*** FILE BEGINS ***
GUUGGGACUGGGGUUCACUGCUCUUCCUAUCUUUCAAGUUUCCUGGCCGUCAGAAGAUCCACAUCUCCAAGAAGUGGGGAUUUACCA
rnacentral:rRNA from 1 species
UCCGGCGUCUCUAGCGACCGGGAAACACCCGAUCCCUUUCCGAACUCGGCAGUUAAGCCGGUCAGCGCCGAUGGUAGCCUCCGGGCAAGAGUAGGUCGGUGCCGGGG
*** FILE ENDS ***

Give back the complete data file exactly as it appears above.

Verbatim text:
GUUGGGACUGGGGUUCACUGCUCUUCCUAUCUUUCAAGUUUCCUGGCCGUCAGAAGAUCCACAUCUCCAAGAAGUGGGGAUUUACCA
rnacentral:rRNA from 1 species
UCCGGCGUCUCUAGCGACCGGGAAACACCCGAUCCCUUUCCGAACUCGGCAGUUAAGCCGGUCAGCGCCGAUGGUAGCCUCCGGGCAAGAGUAGGUCGGUGCCGGGG